Dawn ‘Maduma’ Leppan

Dawn ‘Maduma’ Leppan was raised in Drummond by her grandparents who owned a restaurant in the area. Her home has always been on the edge of that enormous valley with its great views over a thousand hills, and calls the surrounding community her extended family; a family she has cared for from a young age, having delivered her first baby at just 16 years of age.

During the late 1980s, Dawn’s eyes were opened to the strife and devastation occurring among families in the local community of the Valley of 1000 Hills, caused by both the political unrest and natural disasters such as flooding. In 1989 she was inspired to start a community feeding program for those in need, where she served meals from the back of a bakkie under a tree. Before long Dawn saw the need to do more, and secured a site for an infant wellness centre under the eaves of a local church. This evolved further, as five nursing sisters and a paediatrician volunteered their time to help serve the community. Dawn’s vision did not stop here; she wanted to do more. After land donated by a local school became available, the Thousand Hills Community Helpers Centre broke ground for a new home in 2008. Her first priority was to build a safe haven for the children of the community, who were exposed to violence and crime. Today this crèche and school accommodates 350 students who are orphaned or vulnerable, ranging from newborn up to Grade R, ensuring these children receive two nutritious meals daily and a solid foundation ahead of starting junior school.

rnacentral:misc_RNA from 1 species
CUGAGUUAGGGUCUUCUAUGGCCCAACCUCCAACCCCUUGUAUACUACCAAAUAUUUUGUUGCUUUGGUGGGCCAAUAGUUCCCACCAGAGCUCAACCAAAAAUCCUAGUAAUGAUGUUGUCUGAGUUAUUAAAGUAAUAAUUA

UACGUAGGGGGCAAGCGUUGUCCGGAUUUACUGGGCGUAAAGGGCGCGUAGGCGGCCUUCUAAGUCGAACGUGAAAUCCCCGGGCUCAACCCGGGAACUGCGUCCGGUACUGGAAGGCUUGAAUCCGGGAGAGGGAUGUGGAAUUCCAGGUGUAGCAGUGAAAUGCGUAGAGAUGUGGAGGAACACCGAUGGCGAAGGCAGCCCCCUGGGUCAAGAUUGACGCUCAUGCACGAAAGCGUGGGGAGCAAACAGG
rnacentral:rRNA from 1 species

Following the school, a kitchen was built, which now accommodates a permanent feeding scheme providing two meals a day, five days a week to those in need. Dawn’s next task to be completed was the fully equipped and voluntarily staffed clinic, pharmacy and 4×4 ambulance, available 24 hours every day, which has made health care accessible to the community. In spite of all her efforts, Dawn was aware that further education and basic care for adults was also lacking in her community. As a result the Home Based Care programme was started, training volunteer social workers tasked with educating and helping with basic health at a home level within the community.

Dawn’s hub of hope also facilitates many skills development programmes acting as catalysts for employment and entrepreneurial opportunities. Profits of the crafts sold are invested back into craft supplies and the local community who made the crafts. The centre also offers Adult Basic Education Training. Her work has been acknowledged by numerous awards and tributes.